So why did that officer ask me to put it away when I got to Madisonville? There is no reason whatsoever. So far, I’ve had the FBI visit me, and I told them exactly what we were doing. I didn’t get arrested. I got pulled over on the way to Madisonville for 90 minutes with them looking for any reason to arrest me, and they didn’t arrest me. Now, flash forward ten days later. We went to Madisonville, ate lunch and went home. Nothing happened. Ten days later, Carl, two other gentlemen and I really wanted to help out Walt the best that we could, and we thought it best that maybe we secure a law enforcement officer before we do anything else; find someone who was willing to assist. So the decision was made that I would go back up to Tennessee and spend a few days scouting around the entire state if necessary to find one law enforcement officer who would be willing to assist us.
MRS. RONDEAU: What would that have entailed?
MR. HUFF: When you make a citizen’s arrest, you are allowed by law to take them into custody; however, you assume 100% of the liability if anything goes wrong. By having a law enforcement officer there, I can place you under arrest and have him take you into custody.
MRS. RONDEAU: So the officer is literally assisting you to effect the citizen’s arrest?
MR. HUFF: Exactly.
MRS. RONDEAU: And whom were you planning on arresting?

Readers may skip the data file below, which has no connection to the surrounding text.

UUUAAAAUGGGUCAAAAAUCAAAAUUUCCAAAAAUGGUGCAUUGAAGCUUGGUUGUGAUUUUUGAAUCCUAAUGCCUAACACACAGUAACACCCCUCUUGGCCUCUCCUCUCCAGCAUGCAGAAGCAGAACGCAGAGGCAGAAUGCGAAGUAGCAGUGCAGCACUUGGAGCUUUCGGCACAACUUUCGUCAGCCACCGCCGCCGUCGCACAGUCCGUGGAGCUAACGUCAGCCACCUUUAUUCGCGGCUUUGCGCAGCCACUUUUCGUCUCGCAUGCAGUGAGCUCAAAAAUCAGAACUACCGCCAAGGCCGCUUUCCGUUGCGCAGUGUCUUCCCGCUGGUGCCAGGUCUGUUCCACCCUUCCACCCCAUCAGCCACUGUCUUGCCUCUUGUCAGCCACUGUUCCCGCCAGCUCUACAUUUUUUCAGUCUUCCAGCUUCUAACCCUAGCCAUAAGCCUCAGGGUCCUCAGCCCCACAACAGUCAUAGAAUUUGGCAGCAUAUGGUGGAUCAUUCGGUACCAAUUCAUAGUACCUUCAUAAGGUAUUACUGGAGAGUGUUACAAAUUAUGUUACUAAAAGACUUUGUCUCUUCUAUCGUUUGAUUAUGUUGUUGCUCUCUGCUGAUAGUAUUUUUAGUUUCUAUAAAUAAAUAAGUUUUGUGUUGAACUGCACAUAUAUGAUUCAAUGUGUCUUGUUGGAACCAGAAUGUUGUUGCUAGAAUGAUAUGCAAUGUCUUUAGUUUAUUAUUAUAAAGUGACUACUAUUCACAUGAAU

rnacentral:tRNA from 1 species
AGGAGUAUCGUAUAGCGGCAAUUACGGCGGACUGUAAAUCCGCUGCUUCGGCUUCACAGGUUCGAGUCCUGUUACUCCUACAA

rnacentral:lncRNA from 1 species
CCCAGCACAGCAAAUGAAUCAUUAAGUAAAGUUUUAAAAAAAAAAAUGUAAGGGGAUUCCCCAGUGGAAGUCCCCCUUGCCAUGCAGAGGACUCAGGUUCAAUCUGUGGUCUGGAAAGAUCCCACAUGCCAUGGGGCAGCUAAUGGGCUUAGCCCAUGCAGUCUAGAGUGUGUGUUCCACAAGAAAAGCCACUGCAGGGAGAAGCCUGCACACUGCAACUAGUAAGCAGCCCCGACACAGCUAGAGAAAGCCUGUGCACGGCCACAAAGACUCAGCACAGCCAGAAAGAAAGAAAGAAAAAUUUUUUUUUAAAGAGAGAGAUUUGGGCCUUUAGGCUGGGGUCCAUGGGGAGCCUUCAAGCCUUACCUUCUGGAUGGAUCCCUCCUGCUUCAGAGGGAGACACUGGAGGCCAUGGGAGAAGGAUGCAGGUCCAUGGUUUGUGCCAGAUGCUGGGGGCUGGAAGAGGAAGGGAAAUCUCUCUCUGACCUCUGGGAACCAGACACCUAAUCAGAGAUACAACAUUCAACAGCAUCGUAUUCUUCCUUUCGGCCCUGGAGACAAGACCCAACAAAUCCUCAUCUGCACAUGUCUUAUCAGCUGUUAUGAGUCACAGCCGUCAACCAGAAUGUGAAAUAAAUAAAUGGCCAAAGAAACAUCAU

MR. HUFF: We were just there. I had no capacity other than assisting Walt with whatever he needed.
MRS. RONDEAU: It was the grand jury foreman, correct?
MR. HUFF: Yes. As it turns out, the two times that I have been to Madisonville so far, I was in the same black pickup truck that you saw. However, my wife’s transmission went out in her vehicle, and the only other vehicle that we had was my militia truck. Now I’ll tell you, and there are pictures of it on “True Patriots,” it’s a camouflage truck with upside-down flags on it and things like that. At the time, I was a chaplain for the Georgia militia, and we would do outings once a month, and I was fortunate to have this vehicle because I could keep all of my militia gear in that truck ready at a moment’s notice.
MRS. RONDEAU: It sounds like the home improvement contractor who has a truck just for his business and he keeps all his tools in there.
MR. HUFF: That’s exactly right. So given that scenario, I figured, “Hey, I’m just going to stay in a motel and speak with sheriffs in outlying counties; my camouflage actually would kind-of be cool to them,” so, “Here, honey, take the black truck,” because she works at an office building; there’s no way she could drive a camo truck because there are a lot of minorities and they just get freaked out at a camo truck. So I figured, “Hey, you take the black truck and I will take the camo truck.” I had taken all the guns out that I recall that were in there, but I did have some militia-type items in there: camping gear and what-not.